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Bad Practices: Locking on Non-shared Objects in Multi-threaded Applications

Posted By:Mohammad Elsheimy       Posted Date: May 02, 2010    Points: 25    Category: Architecture/Pattern    URL: http://www.dotnetspark.com  

Bad Practices: Locking on Non-shared Objects in Multi-threaded Applications. In this article we will see one of the bad practices developers always do.
 

This article was previously published in my blog, Just Like a Magic.

Actually, I was having a problem synchronizing threads calling a function. If we could regenerate the bug, we would end up with code like this:

private static object _lockThis = new object();
static void Main()
{
    Thread[] arr = new Thread[10];
    for (int i = 0; i < 10; i++)
    {
        arr[i] = new Thread(ThreadProc);
        arr[i].IsBackground = true;
        arr[i].Start();
    }
    foreach (Thread t in arr)
        t.Join();
}
private static void ThreadProc(object obj)
{
    lock (_lockThis)
    {
        int i = 0;
        while (i < 10)
        {
            Thread.Sleep(1);
            Console.WriteLine("Thread #{0},\t{1}",
                Thread.CurrentThread.ManagedThreadId, i++);
        }
    }
}


And when we execute this code the results would be like this:

Thread #4,
2 Thread #3,
3 Thread #5,
1 Thread #7,
0 Thread #5,
2Thread #6,
1 Thread #3,
4 Thread #4,
3 Thread #8,
1 Thread #9, 0

What is the problem with this code? It starts multiple threads and passes them a locking object and the object is locked successfully using the lock statement, so why threads overlap? Why the synchronization doesn't take effect?

Well, after a long period and after pushing a new thread in the MSDN forums (we are all developers do make silly mistakes, aih? :P), I come up with the solution and discovered the drawback of the code.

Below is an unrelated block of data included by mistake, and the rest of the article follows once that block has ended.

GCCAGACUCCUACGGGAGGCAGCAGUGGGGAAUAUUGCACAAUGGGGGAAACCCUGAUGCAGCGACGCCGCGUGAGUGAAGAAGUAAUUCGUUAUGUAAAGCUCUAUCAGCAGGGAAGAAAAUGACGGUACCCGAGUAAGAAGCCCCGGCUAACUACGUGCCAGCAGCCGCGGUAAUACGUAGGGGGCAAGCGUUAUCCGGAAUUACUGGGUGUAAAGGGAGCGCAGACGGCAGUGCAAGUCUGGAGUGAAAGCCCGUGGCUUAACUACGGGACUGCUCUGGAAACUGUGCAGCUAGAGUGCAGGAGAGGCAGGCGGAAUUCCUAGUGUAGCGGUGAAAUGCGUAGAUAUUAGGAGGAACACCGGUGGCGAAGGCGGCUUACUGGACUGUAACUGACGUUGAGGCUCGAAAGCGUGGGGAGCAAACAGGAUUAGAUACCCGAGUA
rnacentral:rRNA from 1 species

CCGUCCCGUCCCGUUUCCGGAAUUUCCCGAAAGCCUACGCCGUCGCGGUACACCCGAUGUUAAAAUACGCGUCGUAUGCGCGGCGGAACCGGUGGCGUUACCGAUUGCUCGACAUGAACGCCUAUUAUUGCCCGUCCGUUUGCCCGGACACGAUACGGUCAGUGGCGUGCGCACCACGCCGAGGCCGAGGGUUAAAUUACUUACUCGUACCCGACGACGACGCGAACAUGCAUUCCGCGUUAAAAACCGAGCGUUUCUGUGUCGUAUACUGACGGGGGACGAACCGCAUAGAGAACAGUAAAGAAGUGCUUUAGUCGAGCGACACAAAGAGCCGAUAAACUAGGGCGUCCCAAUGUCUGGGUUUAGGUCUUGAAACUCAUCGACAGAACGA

The problem was that each time we start off a thread we pass it a new locking object different from the others:

arr[i].Start(new object());

Therefore, every thread is locking on its own objects, so no thread synchronization take effect.

The solution is very easy, you should lock on a shared object; an object that is shared between all your threads accessing this block of code. Read more about thread synchronization here.

For example, we should change our code to the following:

private static object _lockThis = new object();
static void Main()
{
    Thread[] arr = new Thread[10];
    for (int i = 0; i < 10; i++)
    {
        arr[i] = new Thread(ThreadProc);
        arr[i].IsBackground = true;
        arr[i].Start();
    }
    foreach (Thread t in arr)
        t.Join();
}
private static void ThreadProc(object obj)
{
    lock (_lockThis)
    {
        int i = 0;
        while (i < 10)
        {
            Thread.Sleep(1);
            Console.WriteLine("Thread #{0},\t{1}",
                Thread.CurrentThread.ManagedThreadId, i++);
        }
    }
}


Finally, this was one of the bad practices and mistakes me (and many others too) fall in. Honestly, I would like to start my Bad Practices series :">. I would write about problems I came across and solutions I found for them. In addition, I'm thinking of starting the Questions series. I got a huge number of questions every week, if we could publish them I think it would be great for all.

Have a nice day!

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